NEW ORLEANS, LA (WVUE) - Do you take selfies? If you don't, chances are good your teens do. But, you probably didn't think any physical harm could come of it. Well, you may think twice about that after you see what we found happening here in New Orleans.
It seems everyone's taking selfies these days - kids, teens, college students, even some of us adults. But, those selfies are keeping one specialist we talked to very busy these days. We're talking about a hidden shutterbug that could leave you with the ultimate photo bomb. "Only in the last year or so have we started to ask are you taking selfies?" said lice removal specialist Christina Womack.
Womack says in the last year, she's seen more teens, college students, even a grandmother infested with the nasty parasites. And, she believes head-to-head selfies are to blame.
"We recently had a grandmother who has a teenaged granddaughter and she had lice but she couldn't figure it out," said Womack, "She pulled her phone out and she was showing me the pictures, and sure enough there she is, both of them with their heads together."
Womack says typically children ages 5 to 12 are most susceptible to getting lice.
"The reason children get it is because of this head-to-head and they don't understand personal space," said Womack.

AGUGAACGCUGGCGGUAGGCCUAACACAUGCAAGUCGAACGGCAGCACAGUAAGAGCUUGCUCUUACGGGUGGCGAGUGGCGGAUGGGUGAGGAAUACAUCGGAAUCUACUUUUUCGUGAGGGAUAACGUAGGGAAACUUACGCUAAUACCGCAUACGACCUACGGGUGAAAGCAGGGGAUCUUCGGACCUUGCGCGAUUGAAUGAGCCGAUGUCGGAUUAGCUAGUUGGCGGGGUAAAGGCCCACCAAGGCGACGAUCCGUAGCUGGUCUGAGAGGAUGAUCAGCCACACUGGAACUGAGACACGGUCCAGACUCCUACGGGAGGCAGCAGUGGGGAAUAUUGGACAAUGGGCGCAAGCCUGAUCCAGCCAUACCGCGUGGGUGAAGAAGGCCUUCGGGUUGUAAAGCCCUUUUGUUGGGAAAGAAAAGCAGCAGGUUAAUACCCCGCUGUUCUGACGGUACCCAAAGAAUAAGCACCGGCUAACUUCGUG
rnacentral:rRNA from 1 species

But, she says that all changed once the selfie craze hit.
"We had a couple of girls who all did not sleep over, they were all at Jazz Fest, and it seems like out of the group, of them, we had a few who had just a bug or two in each of their hair," said Womack, "Only thing that made sense is they were all together and they have pictures to show us that."
We wanted to know what an entomologist with the Audubon Nature Institute thinks about it.
"It's certainly possible the best way for lice to be transmitted is head-to-head contact, so doing that is a way for the insect to get from one head to another," said entomologist Zack Lemann.
So, what do you do?
"You can't stop selfies - just give yourself a little bit of space. Two inches, you know, that would be great," said Womack, "Just giving yourself two inches of space, they don't jump or fly."
While it may be gross to think about, Lemann says getting lice is nothing to panic about. It's not a medical problem because lice can't transmit diseases. It's more of just an itchy inconvenience that you have to treat. He adds while there is no scientific evidence yet that selfies are spreading lice, he says it's not a bad idea to give yourself some distance when taking them. That person you are going head-to-head with might not yet know they're infected. It could take weeks to show symptoms.